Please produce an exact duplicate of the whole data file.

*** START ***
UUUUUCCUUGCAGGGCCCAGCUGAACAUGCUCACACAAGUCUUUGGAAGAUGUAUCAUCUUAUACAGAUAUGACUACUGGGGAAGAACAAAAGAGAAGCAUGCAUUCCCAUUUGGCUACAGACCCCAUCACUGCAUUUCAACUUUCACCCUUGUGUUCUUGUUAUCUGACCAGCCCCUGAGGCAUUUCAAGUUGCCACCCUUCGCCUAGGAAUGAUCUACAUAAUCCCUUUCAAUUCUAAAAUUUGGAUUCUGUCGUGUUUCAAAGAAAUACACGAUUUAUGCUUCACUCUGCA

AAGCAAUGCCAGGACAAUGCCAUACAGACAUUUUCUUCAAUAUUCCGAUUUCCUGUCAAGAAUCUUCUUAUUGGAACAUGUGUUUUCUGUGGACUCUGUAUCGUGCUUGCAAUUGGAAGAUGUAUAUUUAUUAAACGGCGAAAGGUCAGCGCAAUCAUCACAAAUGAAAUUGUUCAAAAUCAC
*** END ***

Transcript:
UUUUUCCUUGCAGGGCCCAGCUGAACAUGCUCACACAAGUCUUUGGAAGAUGUAUCAUCUUAUACAGAUAUGACUACUGGGGAAGAACAAAAGAGAAGCAUGCAUUCCCAUUUGGCUACAGACCCCAUCACUGCAUUUCAACUUUCACCCUUGUGUUCUUGUUAUCUGACCAGCCCCUGAGGCAUUUCAAGUUGCCACCCUUCGCCUAGGAAUGAUCUACAUAAUCCCUUUCAAUUCUAAAAUUUGGAUUCUGUCGUGUUUCAAAGAAAUACACGAUUUAUGCUUCACUCUGCA

AAGCAAUGCCAGGACAAUGCCAUACAGACAUUUUCUUCAAUAUUCCGAUUUCCUGUCAAGAAUCUUCUUAUUGGAACAUGUGUUUUCUGUGGACUCUGUAUCGUGCUUGCAAUUGGAAGAUGUAUAUUUAUUAAACGGCGAAAGGUCAGCGCAAUCAUCACAAAUGAAAUUGUUCAAAAUCAC